Giatras’ Aegis, And A Journey Through Old Cimeria

Konstantinos Doxiadis

The Cimerians were a pious and learned people, at the forefront of multiple cultural and technological advances of the late Classical era. In fact, they were so pious and learned, that the linguistic constraints of their language must come as a great surprise to any historian who studies them, near as a great a surprise as the elaborate methods that they devised to overcome them. Before delving into the intricacies of Cimerian literature, and the peculiarities which make it so unique, it is pertinent to first understand the socio-political environment and cultural norms it grew out of. As with most early civilisations, few Cimerians could read, and even fewer could write, the latter group consisting mostly of bards composing folk ditties to sing at inns, or commissioned elegies to honour the wondrous feats of nobles on the battlefields. Due to the nature of their craft, the bards would rarely, if ever, be given the opportunity to truly create their own work and break past the confines of pleasing a specific audience. When they did choose to do so, their works were seldom appreciated, largely due to the comprehensive and convoluted nature of their prose. They riddled their poetry with obfuscations and peppered their stories with adjectives whose meanings only they knew. After a time, the solitary nature of such creations grew tiresome even to the bards, and so, they decided to take matters into their own hands. Being a proud people, the Cimerians could do nothing in moderation. Thus, when the bards realised that their orotund use of adverbs and adjectives was not accessible to the masses, they decided to stop using them completely. ‘If the people wouldn’t conform to the language, then the language would have to conform to the people.’ It was this audacity, and desire to find a compromise between simplicity and depth, that led to the formation of what are now known as ‘Dynamic Lexical Modifiers’, or DLMs for short. Roughly speaking, a DLM is a noun, or list of nouns, that function as modifiers of an appended sentence, altering the tone in which said sentence should be interpreted. Due to their utilisation of subconscious associations, many consider DLMs to be a literary precursor to the ‘kenning’ structure found in Skaldic poetry of the early middle ages, reducing language to a sufficiently primitive basis such as to allow each reader to draw what they wish from it. (For an interesting discussion of the influences of DLM on Skaldic poetry and Norse literature, see Njor Byurkhart’s seminal Skaldic Poetry, or: How to Steal Original Ideas from Extinct Peoples) To illustrate, consider the following simple sentence:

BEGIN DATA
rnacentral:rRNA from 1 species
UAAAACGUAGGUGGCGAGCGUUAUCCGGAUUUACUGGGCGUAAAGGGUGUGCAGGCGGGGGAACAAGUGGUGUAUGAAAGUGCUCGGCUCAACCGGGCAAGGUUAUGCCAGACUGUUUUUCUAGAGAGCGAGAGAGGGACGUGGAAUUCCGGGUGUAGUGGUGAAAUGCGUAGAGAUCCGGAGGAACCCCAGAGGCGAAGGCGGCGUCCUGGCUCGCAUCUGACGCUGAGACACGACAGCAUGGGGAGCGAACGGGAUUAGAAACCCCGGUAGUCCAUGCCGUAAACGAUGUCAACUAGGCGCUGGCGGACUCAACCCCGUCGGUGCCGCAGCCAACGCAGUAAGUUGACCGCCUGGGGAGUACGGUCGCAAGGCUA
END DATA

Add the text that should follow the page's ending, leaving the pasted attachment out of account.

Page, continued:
John called Jim an idiot.

Based on how we choose to describe the events that transpired, we can develop the above sentence so that it leads to a multiplicity of interpretations. For example, we could say:

‘John angrily called Jim an idiot’, or, ‘John jokingly called Jim an idiot’. Wishing to retain such complex linguistic structures, the Cimerian bards started employing their DLMs to simulate each and every adverb and adjective that they could find. Thus, ‘angrily’, might be simulated as:

[Sword, moment, wound, blood, death]: John called Jim an idiot.

Where the nouns enclosed in square brackets are the DLMs. Similarly, for ‘jokingly’ they might write:

[Friend, smile, joke]: John called Jim an idiot.

The strength of the system is now apparent. The mastery of a language is a relative property, and thus, instead of requiring people to re-educate themselves and broaden their vocabulary, or grapple with irregular grammatical rules, the bards managed to strip Cimerian of sufficient material to raise the average level of literacy to that of a literary scholar. This now meant that the bards could develop their creative talents whilst enjoying much new-found appreciation by the public. Learned lords could deploy the full breadth of their intellectual capacities to derive deep and intricate truths regarding the human psyche, while less able thinkers could take pleasure in the more common banalities of unmodified sentences.